"Pop Culture Shock Therapy" that I've just won his raffle. This is good. I spent a long time debating whether or not to purchase one of his books at the Con, as $ was a little tight at Casa Del Superheroine this month. But now I've got all 3. I got good swag karma. Swag. I'm up to my ankles here, typing this, swag from MoCCA all over my floor.
The MoCCA Comics Festival (Museum of Comic and Cartoon Art) was a two-day event that featured the best of the independent comic scene. It was held the same weekend as The Big Apple Comic Con. I heard that a bus would shuttle people between both shows. I would think MoCCA would have cut in a bit on Big Apple's business. To be fair, Big Apple has professional wrestlers. But I've never been to MoCCA, so I decided to give it a try.
First thing I noticed, there were no people dressed as Captain America there. It was disorienting.
Then there were all the female comic book creators. I would say that the gender breakdown at the show was 50/50.
I wondered how many of these talented women had any inclination to work for mainstream comics at some point. There isn't that much of a place for them at the moment, outside of Minx/Vertigo & Marvel's assorted indie projects. But it seems that this is where all those female comic creators -- the ones that some blog pundits (me included?) sometimes complain there is not enough of. They do exist. In numbers. They were at this show.
There were two DC tables -- Minx & Vertigo. Chatted with Vertigo editor Bob Schreck. He has new stuff a-brewin' but nothing that can be announced before San Diego. With his experience at Oni, Comico, & Dark Horse, I would expect indie books that fit the general Vertigo framework but with a twist. I've enjoyed various Vertigo titles over the years but I think that twist would really spice up the line.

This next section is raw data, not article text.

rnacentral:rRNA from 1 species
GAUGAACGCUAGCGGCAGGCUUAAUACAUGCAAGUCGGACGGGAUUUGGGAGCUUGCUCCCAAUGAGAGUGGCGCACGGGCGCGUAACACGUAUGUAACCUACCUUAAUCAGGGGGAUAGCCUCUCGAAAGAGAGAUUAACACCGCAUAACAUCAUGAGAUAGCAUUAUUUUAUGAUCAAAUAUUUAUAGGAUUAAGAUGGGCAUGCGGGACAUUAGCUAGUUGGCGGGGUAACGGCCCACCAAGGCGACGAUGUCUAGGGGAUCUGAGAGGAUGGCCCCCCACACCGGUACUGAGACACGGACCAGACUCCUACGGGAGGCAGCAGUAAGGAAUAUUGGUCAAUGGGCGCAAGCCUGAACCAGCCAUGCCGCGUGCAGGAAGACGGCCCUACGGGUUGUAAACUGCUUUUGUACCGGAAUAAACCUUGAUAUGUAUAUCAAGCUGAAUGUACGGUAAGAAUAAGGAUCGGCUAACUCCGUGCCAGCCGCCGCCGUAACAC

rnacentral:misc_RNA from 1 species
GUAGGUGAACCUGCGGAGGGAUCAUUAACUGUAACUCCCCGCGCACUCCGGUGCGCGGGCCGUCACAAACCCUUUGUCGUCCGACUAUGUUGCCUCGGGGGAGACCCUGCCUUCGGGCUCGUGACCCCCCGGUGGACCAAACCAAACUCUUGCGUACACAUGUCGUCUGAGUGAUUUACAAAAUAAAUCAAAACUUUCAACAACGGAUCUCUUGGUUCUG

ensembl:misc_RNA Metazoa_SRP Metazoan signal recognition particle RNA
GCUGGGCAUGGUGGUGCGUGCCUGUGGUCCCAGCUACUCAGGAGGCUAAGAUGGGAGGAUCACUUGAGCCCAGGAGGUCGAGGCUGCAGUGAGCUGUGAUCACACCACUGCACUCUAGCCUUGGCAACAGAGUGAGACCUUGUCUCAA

Next was pumping Vertigo assistant editor Brandon Montclare for news on the Minx line. I asked him about the ratio of female talent as opposed to male talent in the Minx line. He said that actually, women make up roughly half the talent working for the line -- which is apparently going full-speed ahead in terms of pub plans. A "Plain Janes" sequel in the works? Maybe. Some serialized, multi-volume works? A possibility.
This Minx book "Confessions of a Blabbermouth," about a female blogger, sounds interesting.
I chatted with Tim Leong, editor-of-chief of the new magazine Comic Foundry (debuting in September) -- which looks awesome. Gushed to Rick Veitch over his Vertigo book "Can't Get No" -- which I rarely do to any comic creator: "it's literature, man...it's $%*^$# literature. it moved me man..." Thankfully there was no one to witness said geekery. There was also Dean Trippe (who drew that awesome Supergirl piece I've ran in an earlier post), Tim Fish (from the webcomic/anthology "Young Bottoms in Love,"), artist/burlesque dancer Bonnie Voyage, Papercutz editor-in-chief Jim Salicrup, "Fishtown" creator Kevin Colden, Eisner-nominated "Onion Head Monster" Paul Friedrich, Christine Norrie ("Breaking Up"), "Soon I Will Be Invincible" author Austin Grossman, Pop Image co-editor-in-chief Ed Matthews, and Jeff Lemire (Top Shelf's "Essex County" series).
Bumped into The Beat's Heidi MacDonald, who hadn't seen me in at least three years. She looked really awesome, and she said I looked very awesome...I'm thinking that there is some link to blogging/looking awesome.
But the highlight of MoCCA?